3 Cybersecurity Myths That Will Hurt Your Library This Year

Working amid the ever-changing currents of technology and cyber security, libaries often find themselves entangled in a web of misinformation and outdated ideas. But failing to distinguish between myth and fact can put your security at serious risk. Based on expert research in the field, including CompTIA’s 2024 global State Of Cybersecurity report, we will debunk three common misconceptions that threaten to derail your success in 2024.

Myth 1: My Cybersecurity Is Good Enough! Fact: Modern cybersecurity is about continuous improvement

Respondents to CompTIA’s survey indicated that one of the most significant challenges to cybersecurity initiatives today is the belief that “current security is good enough” (39%). One of the reasons organizations may be misled by the state of their security is the inherent complexity of cybersecurity. In particular, it’s incredibly challenging to track and measure security effectiveness and stay current on trends. Thus, an incomplete understanding of security leads executives to think all is well. Over 40% of executives express complete satisfaction with their organization’s cybersecurity, according to CompTIA’s report. In contrast, only 25% of IT staff and 21% of business staff are satisfied. This could also be accounted for by executives often having more tech freedom for added convenience while frontline staff deal with less visible cybersecurity details.

Either way, “the gap in satisfaction points to a need for improved communication on the topic,” CompTIA writes. Get your IT staff together and figure out what risks you face right now and what needs to change. Because cybersecurity is constantly changing, your security should never be stagnant. “Good enough” is never good enough for any organization; vigilance and a continuous improvement mindset are the only ways to approach cybersecurity.

Myth 2: Cybersecurity-Keeping Threats Out Fact: Cybersecurity protects against threats both inside and outside your organization

One of the most publicized breaches of the last decade was when BBC reported that a Heathrow Airport employee lost a USB stick with sensitive data on it. Although the stick was recovered with no harm done, it still cost Heathrow £120,000 (US$150,000) in fines. Yes, cybersecurity is about protection. However, protection extends to both external and internal threats such as employee error. Because security threats are diverse and wide-ranging, there are risks that have little to do with your IT team.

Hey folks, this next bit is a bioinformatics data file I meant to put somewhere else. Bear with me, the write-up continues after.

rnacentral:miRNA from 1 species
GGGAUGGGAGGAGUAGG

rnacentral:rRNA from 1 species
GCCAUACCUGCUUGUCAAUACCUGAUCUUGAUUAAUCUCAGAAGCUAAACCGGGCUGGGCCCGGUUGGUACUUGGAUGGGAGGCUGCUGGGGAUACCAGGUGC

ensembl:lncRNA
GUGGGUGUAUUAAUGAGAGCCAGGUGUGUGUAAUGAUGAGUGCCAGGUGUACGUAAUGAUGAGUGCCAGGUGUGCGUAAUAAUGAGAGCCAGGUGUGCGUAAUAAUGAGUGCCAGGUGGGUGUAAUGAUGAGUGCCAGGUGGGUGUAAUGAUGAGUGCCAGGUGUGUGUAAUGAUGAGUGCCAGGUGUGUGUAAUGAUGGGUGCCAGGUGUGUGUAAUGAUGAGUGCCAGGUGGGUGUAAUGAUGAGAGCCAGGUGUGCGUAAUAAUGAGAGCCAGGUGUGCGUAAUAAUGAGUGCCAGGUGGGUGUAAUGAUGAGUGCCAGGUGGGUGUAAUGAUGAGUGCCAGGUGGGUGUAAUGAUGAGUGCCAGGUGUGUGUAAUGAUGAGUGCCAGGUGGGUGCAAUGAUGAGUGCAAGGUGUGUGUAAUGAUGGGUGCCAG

For example, how do your employees use social media? “In an era of social engineering, there must be precise guidelines around the content being shared since it could eventually lead to a breach,” CompTIA states. Attacks are increasingly focused on human social engineering like phishing, and criminals bank on your staff making mistakes. Additionally, managing relationships with third-party vendors and partners

often involves some form of data sharing. “The chain of operations is only as strong as its weakest link,” CompTIA points out. “When that chain involves outside parties, finding the weakest link requires detailed planning.” Everyone in your organization is responsible for being vigilant and aware of security best practices and safety as it relates to their jobs. Make sure your cybersecurity strategy puts equal emphasis on internal threats as much as external ones.

Myth 3: IT Handles My Cybersecurity Fact: Cybersecurity is not solely the responsibility of the IT department.

While IT professionals are crucial in implementing security measures, comprehensive cybersecurity involves a multidisciplinary approach. It encompasses not only technical aspects but also policy development, employee training, risk management, and a deep understanding of the organization’s unique security landscape. Because each department within your organization involves unique risks, people from various roles must be included in security conversations. But many companies are not doing this. CompTIA’s report shows that while 40% of respondents say that technical staff is leading those conversations, only 36% indicate that the CEO is participating, and just 25% say that business staff is involved. “More companies should consider including a wide range of professionals, from executives to mid-level management to staff positions, in risk management discussions,” CompTIA writes. “These individuals are becoming more involved in technology decisions for their departments, and without a proper view into the associated risks, their decisions may have harmful consequences.” Business leaders and employees at all levels must actively engage in cybersecurity efforts, as they are all potential gatekeepers against evolving threats. Don’t Listen To Myths By embracing a mindset of continuous improvement, recognizing the wide range of threats, and understanding the collective responsibility of cybersecurity, your business will remain safe, resilient, and thriving, no matter what the future holds